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Should employers be allowed to discard resumes of currently unemployed applicants?

  • Yes, employers should be allowed to discard resumes off unempoyed applicants.

    As unfair as it may sound, employers should have the right to discard any resume they deem not worthy of employment at their establishment. I do not think that there is anything illegal about it. But I do not think it makes any sense either since the reason somebody is applying for a job is because they not have a job.

  • Yes, I believe employers should be allowed to discrad resumes of currently unemployed applicants.

    While it is an unfortunate situation that those unemployed get passed over I think it should be up to the employer who he/she wishes to have working for them. I believe that a skilled unemployed applicant will eventually be able to find employment at a firm that is willing to take a chance on them in the end.

  • Private Information Belongs To Individuals Not Companies

    Toss them away, well at least after six months. Companies should discard resumes and applications after six months if that person is not hired. It is important that companies toss them so that peoples personal info cannot be misused or outright stolen. Companies have a moral obligation to protect there employees info and those looking to gain employment.

  • Yes They Should

    I believe employers should be allowed to discard resumes of currently unemployed applicants. Holding on to a resume doesn't mean that an employer will hire the person and if they've elected not to, that decision probably is not going to change. Overall, I think they should discard the resume if that is the case because there's no longer any reason for the employer to hold that information.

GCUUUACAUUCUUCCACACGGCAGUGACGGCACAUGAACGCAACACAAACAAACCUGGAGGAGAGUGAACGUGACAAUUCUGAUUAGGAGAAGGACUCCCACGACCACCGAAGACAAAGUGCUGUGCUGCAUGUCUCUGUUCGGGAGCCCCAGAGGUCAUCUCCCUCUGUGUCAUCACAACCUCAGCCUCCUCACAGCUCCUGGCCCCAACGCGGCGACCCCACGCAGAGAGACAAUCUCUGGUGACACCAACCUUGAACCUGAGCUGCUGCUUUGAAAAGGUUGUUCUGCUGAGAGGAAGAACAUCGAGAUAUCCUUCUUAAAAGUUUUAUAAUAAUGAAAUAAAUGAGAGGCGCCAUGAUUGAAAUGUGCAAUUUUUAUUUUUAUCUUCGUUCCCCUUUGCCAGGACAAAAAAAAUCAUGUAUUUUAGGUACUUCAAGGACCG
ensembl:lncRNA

• Employers should not be allowed to discard resumes of currently unemployed applicants.

    I do not think that employers should be allowed to discard resumes of currently unemployed applicant based on the fact that they are currently unemployed. If an applicant does not have the qualifications for the position and happens to not currently have a job, well that's unfortunate. If an applicant has all the required qualifications, yet is dismissed solely based on their current employment, this is discrimination and the company can in fact be sued for such behavior.


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